The Arrival of Jean Nicolet in Michigan in 1634
Oil on Canvas
Artworks - Height: 16 ft
Width: 8 ft
A group of Native American curiously greet a group of European explorers. On the right, the leader of the Europeans is wearing brightly colored Chinese-styled robes.
In 1933, Zoltan Sepeshy was one of eight Michigan artist chosen to depict the one-hundred year history of his state in the Chicago Century of Progress exhibition. His gigantic canvas represented Jean Nicolet, famous as the first white man to set foot on Michigan soil, who impressed the native Indians with his colorful Chinese Mandarin robe and "thunder in his hands".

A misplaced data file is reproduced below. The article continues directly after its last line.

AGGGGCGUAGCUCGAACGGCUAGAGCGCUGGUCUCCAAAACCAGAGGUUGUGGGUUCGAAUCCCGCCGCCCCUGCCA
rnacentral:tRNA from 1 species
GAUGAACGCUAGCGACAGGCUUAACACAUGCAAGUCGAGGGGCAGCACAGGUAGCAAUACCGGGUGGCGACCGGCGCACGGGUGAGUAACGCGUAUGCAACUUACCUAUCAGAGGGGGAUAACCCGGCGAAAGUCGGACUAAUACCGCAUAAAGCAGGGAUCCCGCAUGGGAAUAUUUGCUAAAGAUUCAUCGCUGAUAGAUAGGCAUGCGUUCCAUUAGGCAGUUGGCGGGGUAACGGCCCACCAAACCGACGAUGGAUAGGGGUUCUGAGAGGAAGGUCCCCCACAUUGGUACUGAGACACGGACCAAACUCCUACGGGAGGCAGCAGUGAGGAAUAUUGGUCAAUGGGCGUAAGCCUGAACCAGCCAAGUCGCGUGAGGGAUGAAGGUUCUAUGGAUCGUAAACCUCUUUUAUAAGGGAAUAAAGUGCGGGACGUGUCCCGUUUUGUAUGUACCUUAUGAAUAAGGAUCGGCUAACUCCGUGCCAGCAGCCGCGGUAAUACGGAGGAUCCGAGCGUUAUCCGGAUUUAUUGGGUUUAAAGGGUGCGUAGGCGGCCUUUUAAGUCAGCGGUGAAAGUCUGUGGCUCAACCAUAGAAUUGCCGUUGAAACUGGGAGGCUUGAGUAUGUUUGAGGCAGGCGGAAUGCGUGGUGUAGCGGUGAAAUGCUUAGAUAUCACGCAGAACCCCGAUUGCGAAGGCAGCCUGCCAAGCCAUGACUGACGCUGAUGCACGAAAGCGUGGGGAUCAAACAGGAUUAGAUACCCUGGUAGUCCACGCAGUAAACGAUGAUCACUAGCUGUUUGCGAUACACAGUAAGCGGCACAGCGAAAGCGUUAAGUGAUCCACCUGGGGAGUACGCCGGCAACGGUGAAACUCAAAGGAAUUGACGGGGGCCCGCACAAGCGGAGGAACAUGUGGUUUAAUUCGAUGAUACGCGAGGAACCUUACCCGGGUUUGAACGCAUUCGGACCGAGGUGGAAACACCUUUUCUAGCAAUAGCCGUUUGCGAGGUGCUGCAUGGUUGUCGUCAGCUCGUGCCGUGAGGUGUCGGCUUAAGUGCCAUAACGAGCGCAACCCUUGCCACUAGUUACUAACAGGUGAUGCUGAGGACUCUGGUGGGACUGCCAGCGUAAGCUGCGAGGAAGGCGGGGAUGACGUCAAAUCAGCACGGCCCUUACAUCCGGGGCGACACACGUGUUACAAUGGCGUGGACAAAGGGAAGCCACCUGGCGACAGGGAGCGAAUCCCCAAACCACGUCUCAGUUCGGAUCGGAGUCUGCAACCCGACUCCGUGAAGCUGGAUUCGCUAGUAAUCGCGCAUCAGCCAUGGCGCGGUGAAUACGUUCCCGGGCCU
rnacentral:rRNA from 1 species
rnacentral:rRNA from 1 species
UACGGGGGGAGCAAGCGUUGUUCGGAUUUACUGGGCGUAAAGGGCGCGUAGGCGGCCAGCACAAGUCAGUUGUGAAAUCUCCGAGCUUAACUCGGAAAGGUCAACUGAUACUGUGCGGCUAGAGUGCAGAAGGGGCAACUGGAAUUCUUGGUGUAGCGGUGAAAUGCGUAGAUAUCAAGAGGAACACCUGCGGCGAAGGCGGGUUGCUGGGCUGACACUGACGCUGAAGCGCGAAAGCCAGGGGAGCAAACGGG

Zoltan Sepeshy was born in 1898 in the old medieval city of Kassa, Hungary, now Kosice. Sepeshy attended the Royal Academy of Art in Budapest studying under Szinyei Merse Pál, known among Hungarian painters as a precursor of French Impressionism, and graduated with a Masters degree in Art and Art Education. In 1921, Sepeshy migrated to the United States, living with his uncle in Detroit. It was there that he began his teaching career in 1926. He was appointed president of the Cranbrook Academy in 1959 (first joined in 1930) and is largely responsible for the full accreditation of the institution by the North Central Association. He is represented in some thirty-five museum collections throughout the United States as well as the National Academy in Budapest and the Museum of Tel Aviv, Israel.
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